Manage and Lead
by Peter Skye
There is a great difference between management and leadership. Management makes sure that things which were done before are done again. Leadership, however, brings a vision to things which never have been done.
To its credit, the SCOUG Board does a good job of managing day to day operations; things run smoothly without major problems. Particularly impressive is the dedication of Treasurer Steven Levine, whose presentation at the January SCOUG General Meeting, replete with pie charts, percent of budget variances and exacting financial detail, should give every SCOUG member a secure feeling concerning the group's bank account.
But a Board isn't just for management. A Board should have knowledge of the needs of those it serves, a vision of the future, and an evolving plan for creating more and better benefits for members. Thus, not so warm and fuzzy is the feeling one might get for the Board's ability to lead
SCOUG into the future. As Treasurer Levine clearly pointed out, last year the Board allocated project funds for the good of the membership, then often dropped the ball. The result? Less OS/2 for members.
Further, there's very little on the Board table for the coming year. Yes, there's a Warp Expo West 2001 committee hard at work and the three committee members -- Terry Warren, Dallas Legan, John Hlavac -- are putting together a June show we'll all be proud of. And separate from the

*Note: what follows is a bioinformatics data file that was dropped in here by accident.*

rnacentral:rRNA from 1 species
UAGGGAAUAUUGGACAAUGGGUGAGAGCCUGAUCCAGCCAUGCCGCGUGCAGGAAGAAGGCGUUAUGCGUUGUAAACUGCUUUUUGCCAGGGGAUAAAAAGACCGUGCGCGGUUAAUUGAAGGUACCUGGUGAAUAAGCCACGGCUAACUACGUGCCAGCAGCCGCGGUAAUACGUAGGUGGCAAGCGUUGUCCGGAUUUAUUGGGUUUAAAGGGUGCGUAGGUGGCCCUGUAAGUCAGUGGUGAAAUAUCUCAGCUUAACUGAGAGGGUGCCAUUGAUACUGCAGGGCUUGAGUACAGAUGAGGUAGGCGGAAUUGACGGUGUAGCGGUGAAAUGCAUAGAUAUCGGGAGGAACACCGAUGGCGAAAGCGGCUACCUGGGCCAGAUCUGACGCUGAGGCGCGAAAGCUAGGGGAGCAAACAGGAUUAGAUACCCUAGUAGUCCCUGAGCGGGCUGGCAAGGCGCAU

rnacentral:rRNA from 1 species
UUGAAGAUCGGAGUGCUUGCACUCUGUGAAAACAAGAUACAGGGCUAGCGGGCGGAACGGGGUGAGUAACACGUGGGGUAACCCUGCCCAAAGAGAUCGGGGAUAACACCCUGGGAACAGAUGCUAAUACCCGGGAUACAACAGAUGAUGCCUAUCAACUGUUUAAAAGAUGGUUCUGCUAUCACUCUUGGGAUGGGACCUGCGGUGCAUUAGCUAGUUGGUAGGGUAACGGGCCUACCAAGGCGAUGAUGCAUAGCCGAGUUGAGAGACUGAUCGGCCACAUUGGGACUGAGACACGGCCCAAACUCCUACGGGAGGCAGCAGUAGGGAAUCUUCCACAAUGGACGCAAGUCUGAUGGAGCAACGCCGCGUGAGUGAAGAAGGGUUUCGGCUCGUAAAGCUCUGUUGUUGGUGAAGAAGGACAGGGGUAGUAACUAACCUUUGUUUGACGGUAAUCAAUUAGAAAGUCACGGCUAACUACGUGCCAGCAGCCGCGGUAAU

Board, Program Chair Mark Abramowitz continues to bring quality speakers to our meetings. But in neither of these cases is SCOUG's Board planning for the future needs of members.
Perhaps there is a problem when Board members gather to pose new ideas. The nine Board members meet once a month, and SCOUG's Bylaws are clear about those meetings (and are
online for anyone's review at
http://www.scoug.com/business/bylaws.html). Section 15 states who is in charge, who calls the shots, who makes sure all viewpoints are heard. Notably absent from that Section is any assignment of the power to judge and shout down new or opposing views. For a Board to plan for the future, all members must be allowed to have their say.
To manage and to lead. That is the purpose of the Board. More time must be spent considering the future. And no single Board member should stop the Board from doing so.
Comments? Questions? Ideas to share?
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